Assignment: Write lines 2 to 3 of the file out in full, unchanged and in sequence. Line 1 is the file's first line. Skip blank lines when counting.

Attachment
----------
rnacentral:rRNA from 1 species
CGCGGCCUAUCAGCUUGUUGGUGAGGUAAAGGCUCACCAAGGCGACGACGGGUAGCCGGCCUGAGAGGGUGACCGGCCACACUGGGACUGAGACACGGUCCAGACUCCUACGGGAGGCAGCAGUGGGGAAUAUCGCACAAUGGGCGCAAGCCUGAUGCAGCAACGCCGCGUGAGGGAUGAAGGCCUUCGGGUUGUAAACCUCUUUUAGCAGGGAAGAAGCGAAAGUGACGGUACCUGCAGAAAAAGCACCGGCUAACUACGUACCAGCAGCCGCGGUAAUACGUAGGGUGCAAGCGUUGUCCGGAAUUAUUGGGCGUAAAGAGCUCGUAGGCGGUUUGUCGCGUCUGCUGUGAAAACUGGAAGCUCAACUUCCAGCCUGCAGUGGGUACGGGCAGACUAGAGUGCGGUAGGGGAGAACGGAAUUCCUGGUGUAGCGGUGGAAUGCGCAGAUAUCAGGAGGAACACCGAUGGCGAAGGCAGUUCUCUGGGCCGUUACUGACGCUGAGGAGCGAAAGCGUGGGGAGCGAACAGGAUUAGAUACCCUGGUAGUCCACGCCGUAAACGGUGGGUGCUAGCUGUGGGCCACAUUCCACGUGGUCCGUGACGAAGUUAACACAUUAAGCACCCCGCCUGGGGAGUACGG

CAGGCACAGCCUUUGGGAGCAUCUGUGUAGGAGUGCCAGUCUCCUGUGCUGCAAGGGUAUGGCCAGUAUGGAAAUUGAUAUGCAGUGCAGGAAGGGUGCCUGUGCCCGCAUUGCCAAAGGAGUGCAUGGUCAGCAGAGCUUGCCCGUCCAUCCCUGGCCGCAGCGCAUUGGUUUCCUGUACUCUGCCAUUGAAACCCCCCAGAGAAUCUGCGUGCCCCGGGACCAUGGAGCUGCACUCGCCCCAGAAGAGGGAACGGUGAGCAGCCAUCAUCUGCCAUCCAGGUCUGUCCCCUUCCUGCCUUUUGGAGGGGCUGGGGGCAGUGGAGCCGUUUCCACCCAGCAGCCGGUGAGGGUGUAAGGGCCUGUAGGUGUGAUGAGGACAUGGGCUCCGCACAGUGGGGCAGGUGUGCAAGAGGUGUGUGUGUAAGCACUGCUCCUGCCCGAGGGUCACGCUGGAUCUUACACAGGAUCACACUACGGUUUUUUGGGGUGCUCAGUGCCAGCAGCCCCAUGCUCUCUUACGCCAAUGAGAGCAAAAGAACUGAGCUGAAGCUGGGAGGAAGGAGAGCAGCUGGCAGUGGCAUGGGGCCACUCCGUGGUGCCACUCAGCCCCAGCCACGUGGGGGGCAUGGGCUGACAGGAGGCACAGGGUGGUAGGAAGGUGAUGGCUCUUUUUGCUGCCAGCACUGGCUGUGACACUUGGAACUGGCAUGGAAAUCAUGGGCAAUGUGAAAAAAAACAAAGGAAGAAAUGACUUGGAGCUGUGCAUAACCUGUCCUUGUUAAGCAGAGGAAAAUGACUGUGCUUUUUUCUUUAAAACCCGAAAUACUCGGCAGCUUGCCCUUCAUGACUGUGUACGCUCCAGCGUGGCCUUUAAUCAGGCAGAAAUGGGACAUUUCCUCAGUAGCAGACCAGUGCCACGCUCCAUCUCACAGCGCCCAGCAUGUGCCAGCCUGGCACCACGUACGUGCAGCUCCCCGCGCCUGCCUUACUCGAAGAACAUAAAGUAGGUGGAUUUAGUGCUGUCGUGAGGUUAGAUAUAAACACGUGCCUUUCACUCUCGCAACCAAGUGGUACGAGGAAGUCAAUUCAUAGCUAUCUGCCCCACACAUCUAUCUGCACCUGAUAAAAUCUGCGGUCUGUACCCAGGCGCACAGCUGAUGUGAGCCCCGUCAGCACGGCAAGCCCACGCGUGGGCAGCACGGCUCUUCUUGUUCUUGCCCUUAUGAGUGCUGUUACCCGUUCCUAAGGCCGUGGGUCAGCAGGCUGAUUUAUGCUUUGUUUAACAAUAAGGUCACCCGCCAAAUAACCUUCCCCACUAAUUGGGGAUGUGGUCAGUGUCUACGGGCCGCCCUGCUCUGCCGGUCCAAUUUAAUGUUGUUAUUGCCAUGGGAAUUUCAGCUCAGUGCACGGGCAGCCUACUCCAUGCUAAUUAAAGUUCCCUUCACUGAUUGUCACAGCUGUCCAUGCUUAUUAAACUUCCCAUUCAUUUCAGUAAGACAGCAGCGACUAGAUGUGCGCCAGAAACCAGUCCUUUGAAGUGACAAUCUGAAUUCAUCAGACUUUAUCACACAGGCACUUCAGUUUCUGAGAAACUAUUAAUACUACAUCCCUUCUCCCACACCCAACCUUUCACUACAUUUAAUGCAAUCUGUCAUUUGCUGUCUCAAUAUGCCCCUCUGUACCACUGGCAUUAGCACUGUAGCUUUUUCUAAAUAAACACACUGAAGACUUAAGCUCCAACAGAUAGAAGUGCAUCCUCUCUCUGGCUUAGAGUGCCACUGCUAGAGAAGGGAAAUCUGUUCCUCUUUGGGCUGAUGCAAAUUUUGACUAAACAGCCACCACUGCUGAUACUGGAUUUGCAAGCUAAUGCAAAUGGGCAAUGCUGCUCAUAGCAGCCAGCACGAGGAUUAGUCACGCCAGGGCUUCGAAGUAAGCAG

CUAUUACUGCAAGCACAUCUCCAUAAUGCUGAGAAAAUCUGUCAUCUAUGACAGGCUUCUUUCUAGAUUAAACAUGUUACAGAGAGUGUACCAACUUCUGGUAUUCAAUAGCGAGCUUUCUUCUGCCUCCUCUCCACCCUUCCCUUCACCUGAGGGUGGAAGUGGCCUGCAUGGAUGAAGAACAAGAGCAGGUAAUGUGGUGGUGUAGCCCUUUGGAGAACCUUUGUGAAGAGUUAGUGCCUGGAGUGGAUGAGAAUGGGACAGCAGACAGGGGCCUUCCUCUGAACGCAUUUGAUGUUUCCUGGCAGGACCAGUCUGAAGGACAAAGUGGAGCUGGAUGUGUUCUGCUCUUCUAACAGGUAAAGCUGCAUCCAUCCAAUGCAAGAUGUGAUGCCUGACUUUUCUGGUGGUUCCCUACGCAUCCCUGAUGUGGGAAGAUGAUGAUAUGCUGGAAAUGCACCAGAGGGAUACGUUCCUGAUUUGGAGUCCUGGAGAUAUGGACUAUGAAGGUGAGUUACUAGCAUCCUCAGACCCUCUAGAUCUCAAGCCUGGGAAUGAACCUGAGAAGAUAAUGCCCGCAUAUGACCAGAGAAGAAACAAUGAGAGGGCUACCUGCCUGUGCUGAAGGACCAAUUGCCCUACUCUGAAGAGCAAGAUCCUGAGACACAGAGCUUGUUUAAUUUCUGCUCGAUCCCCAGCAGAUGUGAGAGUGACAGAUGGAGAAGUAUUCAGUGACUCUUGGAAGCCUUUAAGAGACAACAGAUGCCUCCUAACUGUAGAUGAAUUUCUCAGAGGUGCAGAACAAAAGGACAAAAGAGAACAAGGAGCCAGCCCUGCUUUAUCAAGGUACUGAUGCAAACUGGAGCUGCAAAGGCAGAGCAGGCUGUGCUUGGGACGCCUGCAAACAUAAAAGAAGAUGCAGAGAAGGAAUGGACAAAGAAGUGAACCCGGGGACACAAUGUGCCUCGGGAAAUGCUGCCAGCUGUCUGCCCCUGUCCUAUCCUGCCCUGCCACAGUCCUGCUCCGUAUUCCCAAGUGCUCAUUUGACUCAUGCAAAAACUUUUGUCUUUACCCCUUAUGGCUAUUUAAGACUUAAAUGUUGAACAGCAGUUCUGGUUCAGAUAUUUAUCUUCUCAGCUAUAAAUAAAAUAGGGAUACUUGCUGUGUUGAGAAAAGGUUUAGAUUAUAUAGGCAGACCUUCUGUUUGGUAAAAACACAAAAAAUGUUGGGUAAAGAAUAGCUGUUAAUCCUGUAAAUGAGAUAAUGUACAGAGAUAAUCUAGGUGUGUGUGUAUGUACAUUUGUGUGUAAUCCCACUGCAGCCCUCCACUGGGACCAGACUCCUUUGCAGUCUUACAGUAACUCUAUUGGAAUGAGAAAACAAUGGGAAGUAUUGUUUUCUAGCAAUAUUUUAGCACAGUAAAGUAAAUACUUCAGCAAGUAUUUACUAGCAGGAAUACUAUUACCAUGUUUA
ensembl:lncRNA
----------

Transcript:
CGCGGCCUAUCAGCUUGUUGGUGAGGUAAAGGCUCACCAAGGCGACGACGGGUAGCCGGCCUGAGAGGGUGACCGGCCACACUGGGACUGAGACACGGUCCAGACUCCUACGGGAGGCAGCAGUGGGGAAUAUCGCACAAUGGGCGCAAGCCUGAUGCAGCAACGCCGCGUGAGGGAUGAAGGCCUUCGGGUUGUAAACCUCUUUUAGCAGGGAAGAAGCGAAAGUGACGGUACCUGCAGAAAAAGCACCGGCUAACUACGUACCAGCAGCCGCGGUAAUACGUAGGGUGCAAGCGUUGUCCGGAAUUAUUGGGCGUAAAGAGCUCGUAGGCGGUUUGUCGCGUCUGCUGUGAAAACUGGAAGCUCAACUUCCAGCCUGCAGUGGGUACGGGCAGACUAGAGUGCGGUAGGGGAGAACGGAAUUCCUGGUGUAGCGGUGGAAUGCGCAGAUAUCAGGAGGAACACCGAUGGCGAAGGCAGUUCUCUGGGCCGUUACUGACGCUGAGGAGCGAAAGCGUGGGGAGCGAACAGGAUUAGAUACCCUGGUAGUCCACGCCGUAAACGGUGGGUGCUAGCUGUGGGCCACAUUCCACGUGGUCCGUGACGAAGUUAACACAUUAAGCACCCCGCCUGGGGAGUACGG

CAGGCACAGCCUUUGGGAGCAUCUGUGUAGGAGUGCCAGUCUCCUGUGCUGCAAGGGUAUGGCCAGUAUGGAAAUUGAUAUGCAGUGCAGGAAGGGUGCCUGUGCCCGCAUUGCCAAAGGAGUGCAUGGUCAGCAGAGCUUGCCCGUCCAUCCCUGGCCGCAGCGCAUUGGUUUCCUGUACUCUGCCAUUGAAACCCCCCAGAGAAUCUGCGUGCCCCGGGACCAUGGAGCUGCACUCGCCCCAGAAGAGGGAACGGUGAGCAGCCAUCAUCUGCCAUCCAGGUCUGUCCCCUUCCUGCCUUUUGGAGGGGCUGGGGGCAGUGGAGCCGUUUCCACCCAGCAGCCGGUGAGGGUGUAAGGGCCUGUAGGUGUGAUGAGGACAUGGGCUCCGCACAGUGGGGCAGGUGUGCAAGAGGUGUGUGUGUAAGCACUGCUCCUGCCCGAGGGUCACGCUGGAUCUUACACAGGAUCACACUACGGUUUUUUGGGGUGCUCAGUGCCAGCAGCCCCAUGCUCUCUUACGCCAAUGAGAGCAAAAGAACUGAGCUGAAGCUGGGAGGAAGGAGAGCAGCUGGCAGUGGCAUGGGGCCACUCCGUGGUGCCACUCAGCCCCAGCCACGUGGGGGGCAUGGGCUGACAGGAGGCACAGGGUGGUAGGAAGGUGAUGGCUCUUUUUGCUGCCAGCACUGGCUGUGACACUUGGAACUGGCAUGGAAAUCAUGGGCAAUGUGAAAAAAAACAAAGGAAGAAAUGACUUGGAGCUGUGCAUAACCUGUCCUUGUUAAGCAGAGGAAAAUGACUGUGCUUUUUUCUUUAAAACCCGAAAUACUCGGCAGCUUGCCCUUCAUGACUGUGUACGCUCCAGCGUGGCCUUUAAUCAGGCAGAAAUGGGACAUUUCCUCAGUAGCAGACCAGUGCCACGCUCCAUCUCACAGCGCCCAGCAUGUGCCAGCCUGGCACCACGUACGUGCAGCUCCCCGCGCCUGCCUUACUCGAAGAACAUAAAGUAGGUGGAUUUAGUGCUGUCGUGAGGUUAGAUAUAAACACGUGCCUUUCACUCUCGCAACCAAGUGGUACGAGGAAGUCAAUUCAUAGCUAUCUGCCCCACACAUCUAUCUGCACCUGAUAAAAUCUGCGGUCUGUACCCAGGCGCACAGCUGAUGUGAGCCCCGUCAGCACGGCAAGCCCACGCGUGGGCAGCACGGCUCUUCUUGUUCUUGCCCUUAUGAGUGCUGUUACCCGUUCCUAAGGCCGUGGGUCAGCAGGCUGAUUUAUGCUUUGUUUAACAAUAAGGUCACCCGCCAAAUAACCUUCCCCACUAAUUGGGGAUGUGGUCAGUGUCUACGGGCCGCCCUGCUCUGCCGGUCCAAUUUAAUGUUGUUAUUGCCAUGGGAAUUUCAGCUCAGUGCACGGGCAGCCUACUCCAUGCUAAUUAAAGUUCCCUUCACUGAUUGUCACAGCUGUCCAUGCUUAUUAAACUUCCCAUUCAUUUCAGUAAGACAGCAGCGACUAGAUGUGCGCCAGAAACCAGUCCUUUGAAGUGACAAUCUGAAUUCAUCAGACUUUAUCACACAGGCACUUCAGUUUCUGAGAAACUAUUAAUACUACAUCCCUUCUCCCACACCCAACCUUUCACUACAUUUAAUGCAAUCUGUCAUUUGCUGUCUCAAUAUGCCCCUCUGUACCACUGGCAUUAGCACUGUAGCUUUUUCUAAAUAAACACACUGAAGACUUAAGCUCCAACAGAUAGAAGUGCAUCCUCUCUCUGGCUUAGAGUGCCACUGCUAGAGAAGGGAAAUCUGUUCCUCUUUGGGCUGAUGCAAAUUUUGACUAAACAGCCACCACUGCUGAUACUGGAUUUGCAAGCUAAUGCAAAUGGGCAAUGCUGCUCAUAGCAGCCAGCACGAGGAUUAGUCACGCCAGGGCUUCGAAGUAAGCAG